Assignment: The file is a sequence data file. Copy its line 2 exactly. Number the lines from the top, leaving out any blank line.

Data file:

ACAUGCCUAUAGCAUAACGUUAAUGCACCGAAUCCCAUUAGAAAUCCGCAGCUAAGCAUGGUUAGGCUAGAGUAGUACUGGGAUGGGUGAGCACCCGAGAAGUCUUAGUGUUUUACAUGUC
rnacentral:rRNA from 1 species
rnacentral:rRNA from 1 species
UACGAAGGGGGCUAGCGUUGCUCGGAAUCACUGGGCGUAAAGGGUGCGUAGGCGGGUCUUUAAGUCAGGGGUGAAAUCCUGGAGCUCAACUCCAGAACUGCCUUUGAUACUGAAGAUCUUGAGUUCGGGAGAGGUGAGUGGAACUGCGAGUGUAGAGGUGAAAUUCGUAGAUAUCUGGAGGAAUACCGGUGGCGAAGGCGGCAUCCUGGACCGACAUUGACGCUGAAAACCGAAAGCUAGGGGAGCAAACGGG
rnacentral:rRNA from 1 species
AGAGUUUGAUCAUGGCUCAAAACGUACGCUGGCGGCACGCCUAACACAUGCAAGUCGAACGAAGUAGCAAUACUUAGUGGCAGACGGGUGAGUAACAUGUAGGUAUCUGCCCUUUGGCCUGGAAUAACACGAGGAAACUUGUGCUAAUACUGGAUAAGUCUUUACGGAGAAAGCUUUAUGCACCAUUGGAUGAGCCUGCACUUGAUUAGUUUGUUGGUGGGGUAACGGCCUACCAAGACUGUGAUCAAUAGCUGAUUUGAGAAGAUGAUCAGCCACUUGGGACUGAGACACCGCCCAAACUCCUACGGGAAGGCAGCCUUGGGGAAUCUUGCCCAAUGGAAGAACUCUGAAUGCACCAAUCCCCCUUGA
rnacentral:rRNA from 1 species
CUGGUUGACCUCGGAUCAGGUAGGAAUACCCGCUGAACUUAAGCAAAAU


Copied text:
rnacentral:rRNA from 1 species